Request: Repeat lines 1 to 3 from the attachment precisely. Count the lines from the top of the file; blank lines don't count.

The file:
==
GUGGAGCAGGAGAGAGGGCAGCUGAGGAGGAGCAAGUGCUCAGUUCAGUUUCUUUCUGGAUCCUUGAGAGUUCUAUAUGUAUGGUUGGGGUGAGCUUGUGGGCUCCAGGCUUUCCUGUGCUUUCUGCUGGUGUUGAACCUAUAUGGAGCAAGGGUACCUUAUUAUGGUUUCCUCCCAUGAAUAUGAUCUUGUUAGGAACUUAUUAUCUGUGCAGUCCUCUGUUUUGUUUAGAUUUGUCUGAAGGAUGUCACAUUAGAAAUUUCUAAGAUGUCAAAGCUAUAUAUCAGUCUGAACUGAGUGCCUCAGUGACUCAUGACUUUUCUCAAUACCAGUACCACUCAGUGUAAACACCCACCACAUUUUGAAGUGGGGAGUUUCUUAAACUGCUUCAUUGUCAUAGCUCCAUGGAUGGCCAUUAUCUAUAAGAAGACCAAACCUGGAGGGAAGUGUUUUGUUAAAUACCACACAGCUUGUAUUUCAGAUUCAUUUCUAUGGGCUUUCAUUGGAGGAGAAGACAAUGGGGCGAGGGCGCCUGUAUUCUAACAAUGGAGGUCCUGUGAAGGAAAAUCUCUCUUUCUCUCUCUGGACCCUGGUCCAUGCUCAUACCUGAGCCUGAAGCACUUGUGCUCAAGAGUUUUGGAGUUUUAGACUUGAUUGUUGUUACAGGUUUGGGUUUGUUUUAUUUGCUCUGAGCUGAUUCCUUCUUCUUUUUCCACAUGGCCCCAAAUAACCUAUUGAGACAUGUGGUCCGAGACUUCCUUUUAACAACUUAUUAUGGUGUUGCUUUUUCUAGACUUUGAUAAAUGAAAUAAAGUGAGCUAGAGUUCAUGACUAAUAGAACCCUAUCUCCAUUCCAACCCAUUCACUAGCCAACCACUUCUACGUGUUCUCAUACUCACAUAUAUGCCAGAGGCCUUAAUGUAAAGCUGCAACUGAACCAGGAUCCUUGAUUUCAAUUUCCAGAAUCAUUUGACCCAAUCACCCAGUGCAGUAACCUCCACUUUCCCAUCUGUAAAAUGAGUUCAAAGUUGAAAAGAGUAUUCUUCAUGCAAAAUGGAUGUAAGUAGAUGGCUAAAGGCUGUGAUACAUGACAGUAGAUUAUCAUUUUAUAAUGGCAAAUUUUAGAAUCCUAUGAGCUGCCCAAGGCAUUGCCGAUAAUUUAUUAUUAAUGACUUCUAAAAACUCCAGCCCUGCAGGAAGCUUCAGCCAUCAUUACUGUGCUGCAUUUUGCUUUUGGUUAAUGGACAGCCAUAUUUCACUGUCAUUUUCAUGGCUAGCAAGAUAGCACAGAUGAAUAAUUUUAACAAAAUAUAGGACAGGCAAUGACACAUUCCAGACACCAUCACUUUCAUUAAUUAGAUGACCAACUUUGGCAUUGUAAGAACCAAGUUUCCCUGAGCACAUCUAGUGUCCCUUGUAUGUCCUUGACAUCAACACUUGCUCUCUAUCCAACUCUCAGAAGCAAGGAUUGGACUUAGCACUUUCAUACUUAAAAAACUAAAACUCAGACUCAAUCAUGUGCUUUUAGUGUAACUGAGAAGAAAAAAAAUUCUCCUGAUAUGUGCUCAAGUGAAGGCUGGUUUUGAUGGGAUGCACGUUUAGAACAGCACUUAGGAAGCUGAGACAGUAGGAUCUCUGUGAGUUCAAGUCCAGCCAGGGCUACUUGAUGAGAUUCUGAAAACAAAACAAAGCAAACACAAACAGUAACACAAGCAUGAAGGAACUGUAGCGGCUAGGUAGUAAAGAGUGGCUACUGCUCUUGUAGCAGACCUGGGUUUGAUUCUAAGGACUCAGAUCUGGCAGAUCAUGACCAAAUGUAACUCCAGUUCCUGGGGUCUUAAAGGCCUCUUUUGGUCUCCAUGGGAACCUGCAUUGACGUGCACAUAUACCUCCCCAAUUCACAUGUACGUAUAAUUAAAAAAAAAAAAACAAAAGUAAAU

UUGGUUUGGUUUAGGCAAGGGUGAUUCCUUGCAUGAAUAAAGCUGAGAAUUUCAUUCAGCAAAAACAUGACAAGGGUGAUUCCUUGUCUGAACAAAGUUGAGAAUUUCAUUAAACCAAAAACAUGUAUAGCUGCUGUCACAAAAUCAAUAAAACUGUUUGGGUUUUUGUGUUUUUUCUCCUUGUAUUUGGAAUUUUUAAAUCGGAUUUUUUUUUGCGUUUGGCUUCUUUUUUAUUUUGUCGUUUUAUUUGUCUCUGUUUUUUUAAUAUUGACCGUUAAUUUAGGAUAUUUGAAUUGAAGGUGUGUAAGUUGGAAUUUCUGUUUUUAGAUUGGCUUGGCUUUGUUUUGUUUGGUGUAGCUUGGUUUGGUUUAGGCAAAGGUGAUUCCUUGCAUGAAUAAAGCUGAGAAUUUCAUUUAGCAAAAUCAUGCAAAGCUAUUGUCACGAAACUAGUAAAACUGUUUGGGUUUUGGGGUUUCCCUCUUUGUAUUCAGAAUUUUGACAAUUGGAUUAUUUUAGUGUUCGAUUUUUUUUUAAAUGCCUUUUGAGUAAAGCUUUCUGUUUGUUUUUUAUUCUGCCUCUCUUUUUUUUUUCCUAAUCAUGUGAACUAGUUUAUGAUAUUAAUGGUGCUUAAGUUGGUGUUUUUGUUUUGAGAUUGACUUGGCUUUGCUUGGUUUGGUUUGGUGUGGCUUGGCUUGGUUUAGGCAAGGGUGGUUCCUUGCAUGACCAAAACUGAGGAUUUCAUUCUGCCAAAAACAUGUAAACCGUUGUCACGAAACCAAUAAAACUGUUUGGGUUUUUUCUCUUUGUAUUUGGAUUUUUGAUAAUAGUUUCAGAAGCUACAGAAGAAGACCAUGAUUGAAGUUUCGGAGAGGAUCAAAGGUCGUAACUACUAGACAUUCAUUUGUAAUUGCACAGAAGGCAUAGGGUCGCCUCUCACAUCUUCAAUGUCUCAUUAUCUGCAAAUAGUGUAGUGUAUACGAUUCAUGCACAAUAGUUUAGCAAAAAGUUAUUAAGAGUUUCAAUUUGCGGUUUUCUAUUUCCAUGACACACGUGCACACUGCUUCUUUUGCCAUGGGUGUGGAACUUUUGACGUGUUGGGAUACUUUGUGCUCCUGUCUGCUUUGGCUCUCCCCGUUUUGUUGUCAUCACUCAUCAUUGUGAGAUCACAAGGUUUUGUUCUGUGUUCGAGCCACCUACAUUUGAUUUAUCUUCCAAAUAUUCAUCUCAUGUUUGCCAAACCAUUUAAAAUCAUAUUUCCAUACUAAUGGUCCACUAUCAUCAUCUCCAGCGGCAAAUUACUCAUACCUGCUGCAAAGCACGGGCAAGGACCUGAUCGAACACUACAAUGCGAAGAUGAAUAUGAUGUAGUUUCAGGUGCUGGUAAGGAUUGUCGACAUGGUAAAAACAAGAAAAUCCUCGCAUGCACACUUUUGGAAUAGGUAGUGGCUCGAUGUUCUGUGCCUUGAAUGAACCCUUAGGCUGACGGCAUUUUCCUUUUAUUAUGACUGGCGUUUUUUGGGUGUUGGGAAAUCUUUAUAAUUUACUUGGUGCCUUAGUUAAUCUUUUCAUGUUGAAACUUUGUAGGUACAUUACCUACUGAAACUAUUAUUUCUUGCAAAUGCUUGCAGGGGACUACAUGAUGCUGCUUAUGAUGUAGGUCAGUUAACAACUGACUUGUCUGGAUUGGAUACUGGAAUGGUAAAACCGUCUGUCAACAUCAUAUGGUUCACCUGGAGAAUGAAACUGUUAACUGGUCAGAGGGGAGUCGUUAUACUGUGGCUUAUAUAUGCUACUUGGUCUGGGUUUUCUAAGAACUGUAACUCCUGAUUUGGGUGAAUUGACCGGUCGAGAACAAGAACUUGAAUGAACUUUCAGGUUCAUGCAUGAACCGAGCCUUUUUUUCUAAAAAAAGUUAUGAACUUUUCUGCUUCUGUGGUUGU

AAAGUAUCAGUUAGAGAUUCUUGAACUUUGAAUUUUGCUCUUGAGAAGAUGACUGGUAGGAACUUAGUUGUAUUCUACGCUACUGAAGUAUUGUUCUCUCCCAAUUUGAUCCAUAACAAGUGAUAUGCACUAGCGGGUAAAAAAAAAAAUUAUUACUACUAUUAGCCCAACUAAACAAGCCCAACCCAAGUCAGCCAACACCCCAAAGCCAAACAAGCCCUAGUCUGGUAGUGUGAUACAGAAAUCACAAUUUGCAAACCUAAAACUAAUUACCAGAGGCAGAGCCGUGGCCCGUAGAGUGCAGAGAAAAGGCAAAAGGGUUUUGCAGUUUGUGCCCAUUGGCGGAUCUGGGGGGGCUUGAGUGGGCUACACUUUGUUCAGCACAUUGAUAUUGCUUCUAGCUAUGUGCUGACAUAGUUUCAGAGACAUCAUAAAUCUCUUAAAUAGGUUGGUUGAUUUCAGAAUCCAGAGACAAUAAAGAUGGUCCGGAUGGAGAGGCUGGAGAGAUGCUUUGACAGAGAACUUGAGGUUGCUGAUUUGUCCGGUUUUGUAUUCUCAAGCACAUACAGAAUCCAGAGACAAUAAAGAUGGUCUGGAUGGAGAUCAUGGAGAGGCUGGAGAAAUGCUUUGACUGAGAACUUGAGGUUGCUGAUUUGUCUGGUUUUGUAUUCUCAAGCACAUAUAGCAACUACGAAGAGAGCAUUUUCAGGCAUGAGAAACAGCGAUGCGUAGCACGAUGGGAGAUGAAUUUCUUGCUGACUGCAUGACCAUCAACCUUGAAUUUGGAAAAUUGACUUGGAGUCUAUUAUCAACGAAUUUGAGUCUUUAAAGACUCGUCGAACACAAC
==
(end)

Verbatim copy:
GUGGAGCAGGAGAGAGGGCAGCUGAGGAGGAGCAAGUGCUCAGUUCAGUUUCUUUCUGGAUCCUUGAGAGUUCUAUAUGUAUGGUUGGGGUGAGCUUGUGGGCUCCAGGCUUUCCUGUGCUUUCUGCUGGUGUUGAACCUAUAUGGAGCAAGGGUACCUUAUUAUGGUUUCCUCCCAUGAAUAUGAUCUUGUUAGGAACUUAUUAUCUGUGCAGUCCUCUGUUUUGUUUAGAUUUGUCUGAAGGAUGUCACAUUAGAAAUUUCUAAGAUGUCAAAGCUAUAUAUCAGUCUGAACUGAGUGCCUCAGUGACUCAUGACUUUUCUCAAUACCAGUACCACUCAGUGUAAACACCCACCACAUUUUGAAGUGGGGAGUUUCUUAAACUGCUUCAUUGUCAUAGCUCCAUGGAUGGCCAUUAUCUAUAAGAAGACCAAACCUGGAGGGAAGUGUUUUGUUAAAUACCACACAGCUUGUAUUUCAGAUUCAUUUCUAUGGGCUUUCAUUGGAGGAGAAGACAAUGGGGCGAGGGCGCCUGUAUUCUAACAAUGGAGGUCCUGUGAAGGAAAAUCUCUCUUUCUCUCUCUGGACCCUGGUCCAUGCUCAUACCUGAGCCUGAAGCACUUGUGCUCAAGAGUUUUGGAGUUUUAGACUUGAUUGUUGUUACAGGUUUGGGUUUGUUUUAUUUGCUCUGAGCUGAUUCCUUCUUCUUUUUCCACAUGGCCCCAAAUAACCUAUUGAGACAUGUGGUCCGAGACUUCCUUUUAACAACUUAUUAUGGUGUUGCUUUUUCUAGACUUUGAUAAAUGAAAUAAAGUGAGCUAGAGUUCAUGACUAAUAGAACCCUAUCUCCAUUCCAACCCAUUCACUAGCCAACCACUUCUACGUGUUCUCAUACUCACAUAUAUGCCAGAGGCCUUAAUGUAAAGCUGCAACUGAACCAGGAUCCUUGAUUUCAAUUUCCAGAAUCAUUUGACCCAAUCACCCAGUGCAGUAACCUCCACUUUCCCAUCUGUAAAAUGAGUUCAAAGUUGAAAAGAGUAUUCUUCAUGCAAAAUGGAUGUAAGUAGAUGGCUAAAGGCUGUGAUACAUGACAGUAGAUUAUCAUUUUAUAAUGGCAAAUUUUAGAAUCCUAUGAGCUGCCCAAGGCAUUGCCGAUAAUUUAUUAUUAAUGACUUCUAAAAACUCCAGCCCUGCAGGAAGCUUCAGCCAUCAUUACUGUGCUGCAUUUUGCUUUUGGUUAAUGGACAGCCAUAUUUCACUGUCAUUUUCAUGGCUAGCAAGAUAGCACAGAUGAAUAAUUUUAACAAAAUAUAGGACAGGCAAUGACACAUUCCAGACACCAUCACUUUCAUUAAUUAGAUGACCAACUUUGGCAUUGUAAGAACCAAGUUUCCCUGAGCACAUCUAGUGUCCCUUGUAUGUCCUUGACAUCAACACUUGCUCUCUAUCCAACUCUCAGAAGCAAGGAUUGGACUUAGCACUUUCAUACUUAAAAAACUAAAACUCAGACUCAAUCAUGUGCUUUUAGUGUAACUGAGAAGAAAAAAAAUUCUCCUGAUAUGUGCUCAAGUGAAGGCUGGUUUUGAUGGGAUGCACGUUUAGAACAGCACUUAGGAAGCUGAGACAGUAGGAUCUCUGUGAGUUCAAGUCCAGCCAGGGCUACUUGAUGAGAUUCUGAAAACAAAACAAAGCAAACACAAACAGUAACACAAGCAUGAAGGAACUGUAGCGGCUAGGUAGUAAAGAGUGGCUACUGCUCUUGUAGCAGACCUGGGUUUGAUUCUAAGGACUCAGAUCUGGCAGAUCAUGACCAAAUGUAACUCCAGUUCCUGGGGUCUUAAAGGCCUCUUUUGGUCUCCAUGGGAACCUGCAUUGACGUGCACAUAUACCUCCCCAAUUCACAUGUACGUAUAAUUAAAAAAAAAAAAACAAAAGUAAAU

UUGGUUUGGUUUAGGCAAGGGUGAUUCCUUGCAUGAAUAAAGCUGAGAAUUUCAUUCAGCAAAAACAUGACAAGGGUGAUUCCUUGUCUGAACAAAGUUGAGAAUUUCAUUAAACCAAAAACAUGUAUAGCUGCUGUCACAAAAUCAAUAAAACUGUUUGGGUUUUUGUGUUUUUUCUCCUUGUAUUUGGAAUUUUUAAAUCGGAUUUUUUUUUGCGUUUGGCUUCUUUUUUAUUUUGUCGUUUUAUUUGUCUCUGUUUUUUUAAUAUUGACCGUUAAUUUAGGAUAUUUGAAUUGAAGGUGUGUAAGUUGGAAUUUCUGUUUUUAGAUUGGCUUGGCUUUGUUUUGUUUGGUGUAGCUUGGUUUGGUUUAGGCAAAGGUGAUUCCUUGCAUGAAUAAAGCUGAGAAUUUCAUUUAGCAAAAUCAUGCAAAGCUAUUGUCACGAAACUAGUAAAACUGUUUGGGUUUUGGGGUUUCCCUCUUUGUAUUCAGAAUUUUGACAAUUGGAUUAUUUUAGUGUUCGAUUUUUUUUUAAAUGCCUUUUGAGUAAAGCUUUCUGUUUGUUUUUUAUUCUGCCUCUCUUUUUUUUUUCCUAAUCAUGUGAACUAGUUUAUGAUAUUAAUGGUGCUUAAGUUGGUGUUUUUGUUUUGAGAUUGACUUGGCUUUGCUUGGUUUGGUUUGGUGUGGCUUGGCUUGGUUUAGGCAAGGGUGGUUCCUUGCAUGACCAAAACUGAGGAUUUCAUUCUGCCAAAAACAUGUAAACCGUUGUCACGAAACCAAUAAAACUGUUUGGGUUUUUUCUCUUUGUAUUUGGAUUUUUGAUAAUAGUUUCAGAAGCUACAGAAGAAGACCAUGAUUGAAGUUUCGGAGAGGAUCAAAGGUCGUAACUACUAGACAUUCAUUUGUAAUUGCACAGAAGGCAUAGGGUCGCCUCUCACAUCUUCAAUGUCUCAUUAUCUGCAAAUAGUGUAGUGUAUACGAUUCAUGCACAAUAGUUUAGCAAAAAGUUAUUAAGAGUUUCAAUUUGCGGUUUUCUAUUUCCAUGACACACGUGCACACUGCUUCUUUUGCCAUGGGUGUGGAACUUUUGACGUGUUGGGAUACUUUGUGCUCCUGUCUGCUUUGGCUCUCCCCGUUUUGUUGUCAUCACUCAUCAUUGUGAGAUCACAAGGUUUUGUUCUGUGUUCGAGCCACCUACAUUUGAUUUAUCUUCCAAAUAUUCAUCUCAUGUUUGCCAAACCAUUUAAAAUCAUAUUUCCAUACUAAUGGUCCACUAUCAUCAUCUCCAGCGGCAAAUUACUCAUACCUGCUGCAAAGCACGGGCAAGGACCUGAUCGAACACUACAAUGCGAAGAUGAAUAUGAUGUAGUUUCAGGUGCUGGUAAGGAUUGUCGACAUGGUAAAAACAAGAAAAUCCUCGCAUGCACACUUUUGGAAUAGGUAGUGGCUCGAUGUUCUGUGCCUUGAAUGAACCCUUAGGCUGACGGCAUUUUCCUUUUAUUAUGACUGGCGUUUUUUGGGUGUUGGGAAAUCUUUAUAAUUUACUUGGUGCCUUAGUUAAUCUUUUCAUGUUGAAACUUUGUAGGUACAUUACCUACUGAAACUAUUAUUUCUUGCAAAUGCUUGCAGGGGACUACAUGAUGCUGCUUAUGAUGUAGGUCAGUUAACAACUGACUUGUCUGGAUUGGAUACUGGAAUGGUAAAACCGUCUGUCAACAUCAUAUGGUUCACCUGGAGAAUGAAACUGUUAACUGGUCAGAGGGGAGUCGUUAUACUGUGGCUUAUAUAUGCUACUUGGUCUGGGUUUUCUAAGAACUGUAACUCCUGAUUUGGGUGAAUUGACCGGUCGAGAACAAGAACUUGAAUGAACUUUCAGGUUCAUGCAUGAACCGAGCCUUUUUUUCUAAAAAAAGUUAUGAACUUUUCUGCUUCUGUGGUUGU

AAAGUAUCAGUUAGAGAUUCUUGAACUUUGAAUUUUGCUCUUGAGAAGAUGACUGGUAGGAACUUAGUUGUAUUCUACGCUACUGAAGUAUUGUUCUCUCCCAAUUUGAUCCAUAACAAGUGAUAUGCACUAGCGGGUAAAAAAAAAAAUUAUUACUACUAUUAGCCCAACUAAACAAGCCCAACCCAAGUCAGCCAACACCCCAAAGCCAAACAAGCCCUAGUCUGGUAGUGUGAUACAGAAAUCACAAUUUGCAAACCUAAAACUAAUUACCAGAGGCAGAGCCGUGGCCCGUAGAGUGCAGAGAAAAGGCAAAAGGGUUUUGCAGUUUGUGCCCAUUGGCGGAUCUGGGGGGGCUUGAGUGGGCUACACUUUGUUCAGCACAUUGAUAUUGCUUCUAGCUAUGUGCUGACAUAGUUUCAGAGACAUCAUAAAUCUCUUAAAUAGGUUGGUUGAUUUCAGAAUCCAGAGACAAUAAAGAUGGUCCGGAUGGAGAGGCUGGAGAGAUGCUUUGACAGAGAACUUGAGGUUGCUGAUUUGUCCGGUUUUGUAUUCUCAAGCACAUACAGAAUCCAGAGACAAUAAAGAUGGUCUGGAUGGAGAUCAUGGAGAGGCUGGAGAAAUGCUUUGACUGAGAACUUGAGGUUGCUGAUUUGUCUGGUUUUGUAUUCUCAAGCACAUAUAGCAACUACGAAGAGAGCAUUUUCAGGCAUGAGAAACAGCGAUGCGUAGCACGAUGGGAGAUGAAUUUCUUGCUGACUGCAUGACCAUCAACCUUGAAUUUGGAAAAUUGACUUGGAGUCUAUUAUCAACGAAUUUGAGUCUUUAAAGACUCGUCGAACACAAC